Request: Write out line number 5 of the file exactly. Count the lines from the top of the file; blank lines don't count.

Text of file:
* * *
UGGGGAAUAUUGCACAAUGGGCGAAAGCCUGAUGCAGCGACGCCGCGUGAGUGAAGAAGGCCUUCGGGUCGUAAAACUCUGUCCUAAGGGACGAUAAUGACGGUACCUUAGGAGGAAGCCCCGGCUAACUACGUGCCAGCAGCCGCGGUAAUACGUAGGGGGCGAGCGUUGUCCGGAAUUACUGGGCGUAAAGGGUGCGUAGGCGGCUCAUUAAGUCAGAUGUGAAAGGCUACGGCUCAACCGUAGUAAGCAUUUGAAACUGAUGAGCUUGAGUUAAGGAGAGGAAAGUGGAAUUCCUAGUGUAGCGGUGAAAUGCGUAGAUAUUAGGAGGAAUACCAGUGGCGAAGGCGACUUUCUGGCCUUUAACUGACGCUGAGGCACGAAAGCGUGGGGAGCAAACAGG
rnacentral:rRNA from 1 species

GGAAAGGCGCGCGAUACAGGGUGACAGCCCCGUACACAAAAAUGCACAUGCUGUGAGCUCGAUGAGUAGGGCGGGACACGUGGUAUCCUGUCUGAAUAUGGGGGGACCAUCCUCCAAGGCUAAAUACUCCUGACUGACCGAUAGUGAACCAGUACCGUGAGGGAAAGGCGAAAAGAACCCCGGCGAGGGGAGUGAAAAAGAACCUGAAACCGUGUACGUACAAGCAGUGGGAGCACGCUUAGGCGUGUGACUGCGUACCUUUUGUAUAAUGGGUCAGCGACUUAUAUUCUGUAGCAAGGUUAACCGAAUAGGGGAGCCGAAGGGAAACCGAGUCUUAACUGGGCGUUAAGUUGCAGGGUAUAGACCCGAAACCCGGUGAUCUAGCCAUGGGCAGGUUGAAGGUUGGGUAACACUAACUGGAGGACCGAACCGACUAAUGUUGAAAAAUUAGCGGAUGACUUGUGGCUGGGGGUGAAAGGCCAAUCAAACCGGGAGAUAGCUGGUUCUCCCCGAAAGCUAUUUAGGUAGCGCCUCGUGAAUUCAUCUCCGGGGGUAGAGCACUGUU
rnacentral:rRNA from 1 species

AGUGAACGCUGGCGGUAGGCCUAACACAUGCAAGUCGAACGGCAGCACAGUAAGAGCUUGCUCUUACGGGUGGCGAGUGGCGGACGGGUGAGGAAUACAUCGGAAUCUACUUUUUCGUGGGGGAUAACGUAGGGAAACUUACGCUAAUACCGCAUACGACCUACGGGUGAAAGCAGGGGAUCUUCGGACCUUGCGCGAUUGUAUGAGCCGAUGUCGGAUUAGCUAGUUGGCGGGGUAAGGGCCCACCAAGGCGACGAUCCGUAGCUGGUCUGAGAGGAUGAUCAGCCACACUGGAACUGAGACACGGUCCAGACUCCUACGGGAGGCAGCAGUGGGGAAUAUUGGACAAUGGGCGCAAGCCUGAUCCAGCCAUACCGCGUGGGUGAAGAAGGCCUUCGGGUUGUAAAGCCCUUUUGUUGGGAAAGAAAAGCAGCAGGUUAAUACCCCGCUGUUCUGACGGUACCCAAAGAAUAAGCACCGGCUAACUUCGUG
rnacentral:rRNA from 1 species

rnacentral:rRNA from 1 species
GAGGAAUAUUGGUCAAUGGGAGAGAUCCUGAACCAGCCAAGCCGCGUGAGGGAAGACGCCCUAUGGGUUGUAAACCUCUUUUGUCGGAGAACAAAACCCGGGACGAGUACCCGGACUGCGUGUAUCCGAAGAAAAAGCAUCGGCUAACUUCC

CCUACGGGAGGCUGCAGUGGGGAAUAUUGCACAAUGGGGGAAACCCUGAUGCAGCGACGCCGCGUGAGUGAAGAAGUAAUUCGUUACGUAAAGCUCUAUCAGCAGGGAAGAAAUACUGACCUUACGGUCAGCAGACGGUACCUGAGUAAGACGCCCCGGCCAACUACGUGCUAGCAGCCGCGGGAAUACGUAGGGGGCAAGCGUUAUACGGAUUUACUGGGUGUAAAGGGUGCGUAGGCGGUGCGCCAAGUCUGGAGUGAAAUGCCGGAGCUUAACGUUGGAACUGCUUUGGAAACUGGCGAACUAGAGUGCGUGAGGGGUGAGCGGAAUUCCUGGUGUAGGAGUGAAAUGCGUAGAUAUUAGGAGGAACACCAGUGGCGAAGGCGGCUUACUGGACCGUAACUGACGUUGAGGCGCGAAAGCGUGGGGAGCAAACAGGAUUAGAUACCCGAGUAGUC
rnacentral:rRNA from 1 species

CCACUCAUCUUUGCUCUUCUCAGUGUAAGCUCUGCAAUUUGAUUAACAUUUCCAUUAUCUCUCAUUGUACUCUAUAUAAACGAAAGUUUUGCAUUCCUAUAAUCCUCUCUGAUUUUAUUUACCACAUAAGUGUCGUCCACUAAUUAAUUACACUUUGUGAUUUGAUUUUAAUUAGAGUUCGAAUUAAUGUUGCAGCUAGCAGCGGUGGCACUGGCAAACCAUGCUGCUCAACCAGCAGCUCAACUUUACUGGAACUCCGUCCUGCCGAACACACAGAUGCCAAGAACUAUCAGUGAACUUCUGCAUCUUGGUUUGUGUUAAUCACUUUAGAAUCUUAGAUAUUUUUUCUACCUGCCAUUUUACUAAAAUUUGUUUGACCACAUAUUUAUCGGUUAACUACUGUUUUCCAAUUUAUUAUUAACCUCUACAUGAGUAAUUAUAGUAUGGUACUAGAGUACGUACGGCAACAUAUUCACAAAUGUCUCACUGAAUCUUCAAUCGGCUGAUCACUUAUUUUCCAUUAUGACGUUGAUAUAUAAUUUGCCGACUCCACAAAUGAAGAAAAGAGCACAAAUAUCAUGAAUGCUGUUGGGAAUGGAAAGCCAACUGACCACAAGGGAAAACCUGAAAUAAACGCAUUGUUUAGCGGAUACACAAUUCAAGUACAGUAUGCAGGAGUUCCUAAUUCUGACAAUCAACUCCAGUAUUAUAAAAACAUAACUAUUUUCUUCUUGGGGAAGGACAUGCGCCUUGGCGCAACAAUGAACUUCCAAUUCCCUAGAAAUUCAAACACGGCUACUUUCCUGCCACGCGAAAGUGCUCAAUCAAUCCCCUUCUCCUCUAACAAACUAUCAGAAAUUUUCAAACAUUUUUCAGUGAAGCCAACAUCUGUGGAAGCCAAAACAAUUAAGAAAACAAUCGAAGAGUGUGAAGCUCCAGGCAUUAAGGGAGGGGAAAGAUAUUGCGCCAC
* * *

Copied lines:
AGUGAACGCUGGCGGUAGGCCUAACACAUGCAAGUCGAACGGCAGCACAGUAAGAGCUUGCUCUUACGGGUGGCGAGUGGCGGACGGGUGAGGAAUACAUCGGAAUCUACUUUUUCGUGGGGGAUAACGUAGGGAAACUUACGCUAAUACCGCAUACGACCUACGGGUGAAAGCAGGGGAUCUUCGGACCUUGCGCGAUUGUAUGAGCCGAUGUCGGAUUAGCUAGUUGGCGGGGUAAGGGCCCACCAAGGCGACGAUCCGUAGCUGGUCUGAGAGGAUGAUCAGCCACACUGGAACUGAGACACGGUCCAGACUCCUACGGGAGGCAGCAGUGGGGAAUAUUGGACAAUGGGCGCAAGCCUGAUCCAGCCAUACCGCGUGGGUGAAGAAGGCCUUCGGGUUGUAAAGCCCUUUUGUUGGGAAAGAAAAGCAGCAGGUUAAUACCCCGCUGUUCUGACGGUACCCAAAGAAUAAGCACCGGCUAACUUCGUG